And in an era when many law schools are cutting staff and faculty as enrollments fall nationally, A&M Law has only enhanced its commitment to lead by expanding curricular options, improving student services, attracting the very best talent and aligning to Texas A&M University’s mission tenet of service to the state, nation and beyond.

One such example is a $370,000 grant awarded to the School of Law from the Access Group. With the grant, A&M Law’s Milan Markovic will serve as principal investigator of the Texas Lawyers Study, examining professional satisfaction and income levels of nearly 88,000 members of the State Bar of Texas. This study will generate an extraordinary amount of data on the economics of the legal profession and the working lives of lawyers that can inform the decision-making of prospective law students and lawyers.

“We’re proud of our work to date, and are inviting all to see how far we’ve come and to take a look at where we are heading,” Morriss said. “By attracting new talent to compliment our strong foundation of scholars, A&M Law is leading by example.”


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ABA task force’s reform of legal education !

Posted by William Byrnes on June 22, 2015

see the reforms at International Financial Law Prof Blog


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Distance Learning Faculty Enrichment Discussion at University of Arizona College of Law Tomorrow

Posted by William Byrnes on April 8, 2015

University of Arizona James E. Rogers College of Law will host a faculty enrichment presentation tomorrow April 9 from 12 noon (room 237) (PPT –> Arizona WGDE 4-9-15 Final).

“I will introduce the topic with various empirical studies of distance learning pedagogy and outcomes, before turning teaching phototo the findings of the Work Group of Distance Learning for Legal Education’s Best Practice Recommendations for Distance Learning for Legal Education 2.0,” stated William Byrnes.  “The Work Group is an evolving project of faculty and administrators participating from approximately 83 ABA law schools, representative of the four tiers, and its Recommendations are collaboratively developed and authored over a four year period.”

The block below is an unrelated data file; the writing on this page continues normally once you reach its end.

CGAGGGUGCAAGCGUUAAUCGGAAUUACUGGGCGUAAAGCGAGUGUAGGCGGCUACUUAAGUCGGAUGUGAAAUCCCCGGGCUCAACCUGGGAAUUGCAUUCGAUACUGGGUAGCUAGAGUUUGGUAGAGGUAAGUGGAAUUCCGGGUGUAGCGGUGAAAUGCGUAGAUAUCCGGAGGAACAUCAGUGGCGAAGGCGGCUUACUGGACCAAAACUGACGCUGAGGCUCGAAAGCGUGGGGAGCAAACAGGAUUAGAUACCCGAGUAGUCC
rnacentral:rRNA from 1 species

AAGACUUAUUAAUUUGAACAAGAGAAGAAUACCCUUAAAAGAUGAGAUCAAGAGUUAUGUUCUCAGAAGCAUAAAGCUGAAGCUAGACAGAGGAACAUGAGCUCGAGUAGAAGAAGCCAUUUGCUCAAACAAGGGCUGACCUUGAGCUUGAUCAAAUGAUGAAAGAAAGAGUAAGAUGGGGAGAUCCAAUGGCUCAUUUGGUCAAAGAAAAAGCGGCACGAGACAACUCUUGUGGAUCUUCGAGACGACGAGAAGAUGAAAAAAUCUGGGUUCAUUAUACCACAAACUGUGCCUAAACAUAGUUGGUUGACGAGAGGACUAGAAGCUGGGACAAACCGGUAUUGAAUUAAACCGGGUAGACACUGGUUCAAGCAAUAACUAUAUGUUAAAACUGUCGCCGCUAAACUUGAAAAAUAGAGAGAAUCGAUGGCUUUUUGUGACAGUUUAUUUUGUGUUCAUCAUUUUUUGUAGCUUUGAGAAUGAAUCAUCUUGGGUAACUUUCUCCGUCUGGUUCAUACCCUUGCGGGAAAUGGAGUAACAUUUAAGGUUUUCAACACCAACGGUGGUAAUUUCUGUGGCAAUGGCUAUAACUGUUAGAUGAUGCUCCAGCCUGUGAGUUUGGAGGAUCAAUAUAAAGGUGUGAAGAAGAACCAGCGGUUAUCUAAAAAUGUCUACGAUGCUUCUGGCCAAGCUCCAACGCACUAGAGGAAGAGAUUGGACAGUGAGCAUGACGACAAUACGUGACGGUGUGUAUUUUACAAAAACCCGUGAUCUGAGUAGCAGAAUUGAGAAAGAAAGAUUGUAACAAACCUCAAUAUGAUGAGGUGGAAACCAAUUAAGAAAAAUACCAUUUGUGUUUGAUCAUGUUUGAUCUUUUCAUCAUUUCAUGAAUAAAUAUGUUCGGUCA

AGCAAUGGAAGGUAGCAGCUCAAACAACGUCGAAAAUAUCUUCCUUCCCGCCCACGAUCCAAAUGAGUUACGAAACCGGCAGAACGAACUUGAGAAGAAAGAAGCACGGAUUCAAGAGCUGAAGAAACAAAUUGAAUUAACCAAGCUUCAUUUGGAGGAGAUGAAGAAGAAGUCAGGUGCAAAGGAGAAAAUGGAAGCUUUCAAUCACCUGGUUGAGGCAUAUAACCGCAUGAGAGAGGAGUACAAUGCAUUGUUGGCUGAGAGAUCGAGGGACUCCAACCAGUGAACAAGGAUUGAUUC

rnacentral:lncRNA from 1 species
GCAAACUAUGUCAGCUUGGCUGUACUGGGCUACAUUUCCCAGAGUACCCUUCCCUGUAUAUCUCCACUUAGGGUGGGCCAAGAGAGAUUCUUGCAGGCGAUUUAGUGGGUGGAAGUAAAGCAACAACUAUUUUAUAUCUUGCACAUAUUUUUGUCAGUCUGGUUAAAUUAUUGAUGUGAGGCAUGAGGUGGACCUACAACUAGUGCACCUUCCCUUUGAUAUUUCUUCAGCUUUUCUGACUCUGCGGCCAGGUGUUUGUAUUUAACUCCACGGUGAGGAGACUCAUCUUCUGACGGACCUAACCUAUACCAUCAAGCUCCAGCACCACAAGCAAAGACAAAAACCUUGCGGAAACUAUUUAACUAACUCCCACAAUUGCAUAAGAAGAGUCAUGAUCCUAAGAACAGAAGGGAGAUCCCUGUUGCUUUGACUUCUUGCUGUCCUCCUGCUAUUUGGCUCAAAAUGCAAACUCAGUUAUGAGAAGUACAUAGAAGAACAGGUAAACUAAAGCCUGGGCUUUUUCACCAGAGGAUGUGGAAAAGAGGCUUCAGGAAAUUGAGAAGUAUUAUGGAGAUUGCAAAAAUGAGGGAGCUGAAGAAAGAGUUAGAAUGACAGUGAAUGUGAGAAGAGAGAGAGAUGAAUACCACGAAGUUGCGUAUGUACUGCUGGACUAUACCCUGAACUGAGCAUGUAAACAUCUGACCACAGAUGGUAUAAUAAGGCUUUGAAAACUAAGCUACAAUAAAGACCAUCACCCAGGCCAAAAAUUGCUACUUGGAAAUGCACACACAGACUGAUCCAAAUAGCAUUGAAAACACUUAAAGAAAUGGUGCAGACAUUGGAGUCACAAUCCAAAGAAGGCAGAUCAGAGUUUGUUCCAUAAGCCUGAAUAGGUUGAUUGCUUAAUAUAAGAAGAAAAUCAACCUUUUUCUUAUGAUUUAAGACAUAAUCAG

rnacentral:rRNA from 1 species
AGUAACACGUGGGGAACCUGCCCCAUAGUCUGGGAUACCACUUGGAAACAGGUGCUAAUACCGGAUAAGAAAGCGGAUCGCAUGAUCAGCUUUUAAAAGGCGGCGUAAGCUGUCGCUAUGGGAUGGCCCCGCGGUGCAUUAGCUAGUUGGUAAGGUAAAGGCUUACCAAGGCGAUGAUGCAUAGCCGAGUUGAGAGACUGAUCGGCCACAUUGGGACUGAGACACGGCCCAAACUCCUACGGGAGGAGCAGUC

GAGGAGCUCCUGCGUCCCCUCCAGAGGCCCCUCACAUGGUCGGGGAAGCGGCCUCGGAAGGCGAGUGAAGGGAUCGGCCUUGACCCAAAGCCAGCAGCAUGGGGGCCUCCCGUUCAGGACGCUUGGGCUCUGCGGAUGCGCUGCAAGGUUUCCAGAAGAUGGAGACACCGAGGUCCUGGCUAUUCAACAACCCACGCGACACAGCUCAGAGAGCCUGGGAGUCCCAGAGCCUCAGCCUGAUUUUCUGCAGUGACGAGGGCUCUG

“In 2014 the American Bar Association revised Standard 306 “Distance Education”, expanding opportunities and flexibility for institutions to leverage technological advances within the JD academic curriculum.” explained Byrnes. “The ABA initially acquiesced to an online LL.M. in 1998.  Yet, it is since the initial inception of the Work Group in 2010 that most of the 48 LL.M.s offered online by 30 ABA full approved law schools have been founded.” Byrnes exclaimed, “One ABA law school, William Mitchell, even received a variance to offer a hybrid, partially residential / partially online, JD.  It matriculated 85 candidates in its pioneer class, at its normal LSAT range.”

“As of 2015, nearly all ABA law schools offer the opportunity for an academic experience at a distance for J.D. students,” concluded Byrnes. “But many are still not leveraging communication technologies to enhance that experience and to assist with producing better learning outcomes”.

previous remarks available at Alternative Methods of Teaching and the Effectiveness of Distance Learning for Legal Education